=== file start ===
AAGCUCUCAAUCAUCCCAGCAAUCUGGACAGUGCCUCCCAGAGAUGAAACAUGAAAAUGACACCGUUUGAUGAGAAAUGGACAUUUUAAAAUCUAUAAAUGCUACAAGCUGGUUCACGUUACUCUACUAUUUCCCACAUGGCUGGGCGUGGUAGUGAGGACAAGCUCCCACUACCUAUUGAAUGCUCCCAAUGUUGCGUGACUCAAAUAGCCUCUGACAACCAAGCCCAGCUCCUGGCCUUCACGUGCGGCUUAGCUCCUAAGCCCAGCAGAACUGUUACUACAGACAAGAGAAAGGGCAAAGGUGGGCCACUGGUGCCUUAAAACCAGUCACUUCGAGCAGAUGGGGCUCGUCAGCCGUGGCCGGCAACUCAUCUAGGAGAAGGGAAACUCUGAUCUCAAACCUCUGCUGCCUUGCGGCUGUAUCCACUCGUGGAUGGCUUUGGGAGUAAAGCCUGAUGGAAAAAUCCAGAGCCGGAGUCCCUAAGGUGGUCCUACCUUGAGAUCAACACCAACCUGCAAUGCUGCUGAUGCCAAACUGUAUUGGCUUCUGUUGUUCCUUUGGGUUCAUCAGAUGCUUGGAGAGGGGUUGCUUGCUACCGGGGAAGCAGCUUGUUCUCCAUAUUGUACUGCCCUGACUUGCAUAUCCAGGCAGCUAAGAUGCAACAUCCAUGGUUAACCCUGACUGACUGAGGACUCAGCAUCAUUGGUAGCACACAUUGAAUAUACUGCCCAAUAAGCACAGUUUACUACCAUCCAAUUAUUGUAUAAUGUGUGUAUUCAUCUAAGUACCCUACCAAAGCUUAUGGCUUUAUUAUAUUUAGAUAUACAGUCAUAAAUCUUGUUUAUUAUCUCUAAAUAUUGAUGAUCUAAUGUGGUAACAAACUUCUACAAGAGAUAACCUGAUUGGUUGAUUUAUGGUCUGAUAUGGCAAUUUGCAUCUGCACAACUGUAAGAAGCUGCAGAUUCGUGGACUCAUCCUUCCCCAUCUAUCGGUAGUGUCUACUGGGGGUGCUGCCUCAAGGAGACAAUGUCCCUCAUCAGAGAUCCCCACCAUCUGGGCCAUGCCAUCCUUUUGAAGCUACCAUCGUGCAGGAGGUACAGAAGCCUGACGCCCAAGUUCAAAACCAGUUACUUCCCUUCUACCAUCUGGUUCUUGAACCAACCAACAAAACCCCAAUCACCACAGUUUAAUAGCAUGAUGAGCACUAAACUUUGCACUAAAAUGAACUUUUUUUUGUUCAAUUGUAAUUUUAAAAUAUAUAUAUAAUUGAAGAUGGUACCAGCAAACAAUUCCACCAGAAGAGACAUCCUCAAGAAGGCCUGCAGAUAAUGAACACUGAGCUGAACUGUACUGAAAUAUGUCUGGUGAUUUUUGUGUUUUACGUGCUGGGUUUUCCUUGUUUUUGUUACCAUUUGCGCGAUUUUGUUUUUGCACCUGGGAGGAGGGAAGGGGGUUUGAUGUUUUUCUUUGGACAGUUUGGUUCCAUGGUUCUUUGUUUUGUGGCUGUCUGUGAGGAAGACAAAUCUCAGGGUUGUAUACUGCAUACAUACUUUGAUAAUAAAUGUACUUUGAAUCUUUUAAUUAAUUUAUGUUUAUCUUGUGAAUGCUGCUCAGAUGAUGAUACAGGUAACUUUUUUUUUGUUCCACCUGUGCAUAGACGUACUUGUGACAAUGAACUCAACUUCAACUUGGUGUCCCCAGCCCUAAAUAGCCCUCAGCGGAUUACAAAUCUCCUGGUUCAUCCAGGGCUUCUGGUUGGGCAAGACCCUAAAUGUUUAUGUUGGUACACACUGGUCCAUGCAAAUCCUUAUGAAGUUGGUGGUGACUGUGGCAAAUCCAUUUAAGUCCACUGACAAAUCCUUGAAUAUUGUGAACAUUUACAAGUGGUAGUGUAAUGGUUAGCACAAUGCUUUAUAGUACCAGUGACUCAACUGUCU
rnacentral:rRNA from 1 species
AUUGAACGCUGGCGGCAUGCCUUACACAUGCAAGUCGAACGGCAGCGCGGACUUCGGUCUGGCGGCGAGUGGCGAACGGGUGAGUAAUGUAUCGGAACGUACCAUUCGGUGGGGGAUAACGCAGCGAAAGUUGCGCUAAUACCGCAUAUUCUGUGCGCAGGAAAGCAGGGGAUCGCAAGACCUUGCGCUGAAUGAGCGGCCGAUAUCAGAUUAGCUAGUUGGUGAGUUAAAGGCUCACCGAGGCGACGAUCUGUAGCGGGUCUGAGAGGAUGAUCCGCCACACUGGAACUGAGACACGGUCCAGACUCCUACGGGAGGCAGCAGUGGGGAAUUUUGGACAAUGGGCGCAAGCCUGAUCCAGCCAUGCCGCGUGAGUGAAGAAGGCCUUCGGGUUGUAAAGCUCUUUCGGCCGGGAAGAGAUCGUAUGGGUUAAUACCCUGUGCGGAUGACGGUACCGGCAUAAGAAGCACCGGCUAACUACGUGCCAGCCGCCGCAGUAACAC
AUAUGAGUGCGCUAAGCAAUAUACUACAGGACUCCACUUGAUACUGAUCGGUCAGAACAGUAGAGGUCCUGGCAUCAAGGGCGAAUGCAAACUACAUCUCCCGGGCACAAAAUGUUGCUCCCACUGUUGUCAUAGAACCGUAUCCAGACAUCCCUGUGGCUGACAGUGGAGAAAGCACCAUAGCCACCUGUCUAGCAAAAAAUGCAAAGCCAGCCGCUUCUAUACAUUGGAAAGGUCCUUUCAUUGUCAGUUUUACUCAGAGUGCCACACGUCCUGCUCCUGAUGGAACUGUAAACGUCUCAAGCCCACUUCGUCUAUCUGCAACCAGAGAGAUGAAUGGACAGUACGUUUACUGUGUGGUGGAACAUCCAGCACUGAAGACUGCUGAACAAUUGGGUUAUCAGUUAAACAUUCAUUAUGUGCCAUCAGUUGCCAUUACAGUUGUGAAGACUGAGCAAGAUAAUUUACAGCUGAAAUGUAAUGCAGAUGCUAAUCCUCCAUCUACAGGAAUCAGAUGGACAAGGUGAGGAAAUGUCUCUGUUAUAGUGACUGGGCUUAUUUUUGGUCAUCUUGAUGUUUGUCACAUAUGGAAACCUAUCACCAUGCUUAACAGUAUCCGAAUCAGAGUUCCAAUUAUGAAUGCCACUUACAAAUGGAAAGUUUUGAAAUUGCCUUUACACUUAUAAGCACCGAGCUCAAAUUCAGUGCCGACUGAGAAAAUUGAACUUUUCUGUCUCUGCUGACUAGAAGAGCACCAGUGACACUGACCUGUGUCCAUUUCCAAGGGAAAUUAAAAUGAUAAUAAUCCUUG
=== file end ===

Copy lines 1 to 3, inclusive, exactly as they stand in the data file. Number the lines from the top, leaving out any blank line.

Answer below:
AAGCUCUCAAUCAUCCCAGCAAUCUGGACAGUGCCUCCCAGAGAUGAAACAUGAAAAUGACACCGUUUGAUGAGAAAUGGACAUUUUAAAAUCUAUAAAUGCUACAAGCUGGUUCACGUUACUCUACUAUUUCCCACAUGGCUGGGCGUGGUAGUGAGGACAAGCUCCCACUACCUAUUGAAUGCUCCCAAUGUUGCGUGACUCAAAUAGCCUCUGACAACCAAGCCCAGCUCCUGGCCUUCACGUGCGGCUUAGCUCCUAAGCCCAGCAGAACUGUUACUACAGACAAGAGAAAGGGCAAAGGUGGGCCACUGGUGCCUUAAAACCAGUCACUUCGAGCAGAUGGGGCUCGUCAGCCGUGGCCGGCAACUCAUCUAGGAGAAGGGAAACUCUGAUCUCAAACCUCUGCUGCCUUGCGGCUGUAUCCACUCGUGGAUGGCUUUGGGAGUAAAGCCUGAUGGAAAAAUCCAGAGCCGGAGUCCCUAAGGUGGUCCUACCUUGAGAUCAACACCAACCUGCAAUGCUGCUGAUGCCAAACUGUAUUGGCUUCUGUUGUUCCUUUGGGUUCAUCAGAUGCUUGGAGAGGGGUUGCUUGCUACCGGGGAAGCAGCUUGUUCUCCAUAUUGUACUGCCCUGACUUGCAUAUCCAGGCAGCUAAGAUGCAACAUCCAUGGUUAACCCUGACUGACUGAGGACUCAGCAUCAUUGGUAGCACACAUUGAAUAUACUGCCCAAUAAGCACAGUUUACUACCAUCCAAUUAUUGUAUAAUGUGUGUAUUCAUCUAAGUACCCUACCAAAGCUUAUGGCUUUAUUAUAUUUAGAUAUACAGUCAUAAAUCUUGUUUAUUAUCUCUAAAUAUUGAUGAUCUAAUGUGGUAACAAACUUCUACAAGAGAUAACCUGAUUGGUUGAUUUAUGGUCUGAUAUGGCAAUUUGCAUCUGCACAACUGUAAGAAGCUGCAGAUUCGUGGACUCAUCCUUCCCCAUCUAUCGGUAGUGUCUACUGGGGGUGCUGCCUCAAGGAGACAAUGUCCCUCAUCAGAGAUCCCCACCAUCUGGGCCAUGCCAUCCUUUUGAAGCUACCAUCGUGCAGGAGGUACAGAAGCCUGACGCCCAAGUUCAAAACCAGUUACUUCCCUUCUACCAUCUGGUUCUUGAACCAACCAACAAAACCCCAAUCACCACAGUUUAAUAGCAUGAUGAGCACUAAACUUUGCACUAAAAUGAACUUUUUUUUGUUCAAUUGUAAUUUUAAAAUAUAUAUAUAAUUGAAGAUGGUACCAGCAAACAAUUCCACCAGAAGAGACAUCCUCAAGAAGGCCUGCAGAUAAUGAACACUGAGCUGAACUGUACUGAAAUAUGUCUGGUGAUUUUUGUGUUUUACGUGCUGGGUUUUCCUUGUUUUUGUUACCAUUUGCGCGAUUUUGUUUUUGCACCUGGGAGGAGGGAAGGGGGUUUGAUGUUUUUCUUUGGACAGUUUGGUUCCAUGGUUCUUUGUUUUGUGGCUGUCUGUGAGGAAGACAAAUCUCAGGGUUGUAUACUGCAUACAUACUUUGAUAAUAAAUGUACUUUGAAUCUUUUAAUUAAUUUAUGUUUAUCUUGUGAAUGCUGCUCAGAUGAUGAUACAGGUAACUUUUUUUUUGUUCCACCUGUGCAUAGACGUACUUGUGACAAUGAACUCAACUUCAACUUGGUGUCCCCAGCCCUAAAUAGCCCUCAGCGGAUUACAAAUCUCCUGGUUCAUCCAGGGCUUCUGGUUGGGCAAGACCCUAAAUGUUUAUGUUGGUACACACUGGUCCAUGCAAAUCCUUAUGAAGUUGGUGGUGACUGUGGCAAAUCCAUUUAAGUCCACUGACAAAUCCUUGAAUAUUGUGAACAUUUACAAGUGGUAGUGUAAUGGUUAGCACAAUGCUUUAUAGUACCAGUGACUCAACUGUCU
rnacentral:rRNA from 1 species
AUUGAACGCUGGCGGCAUGCCUUACACAUGCAAGUCGAACGGCAGCGCGGACUUCGGUCUGGCGGCGAGUGGCGAACGGGUGAGUAAUGUAUCGGAACGUACCAUUCGGUGGGGGAUAACGCAGCGAAAGUUGCGCUAAUACCGCAUAUUCUGUGCGCAGGAAAGCAGGGGAUCGCAAGACCUUGCGCUGAAUGAGCGGCCGAUAUCAGAUUAGCUAGUUGGUGAGUUAAAGGCUCACCGAGGCGACGAUCUGUAGCGGGUCUGAGAGGAUGAUCCGCCACACUGGAACUGAGACACGGUCCAGACUCCUACGGGAGGCAGCAGUGGGGAAUUUUGGACAAUGGGCGCAAGCCUGAUCCAGCCAUGCCGCGUGAGUGAAGAAGGCCUUCGGGUUGUAAAGCUCUUUCGGCCGGGAAGAGAUCGUAUGGGUUAAUACCCUGUGCGGAUGACGGUACCGGCAUAAGAAGCACCGGCUAACUACGUGCCAGCCGCCGCAGUAACAC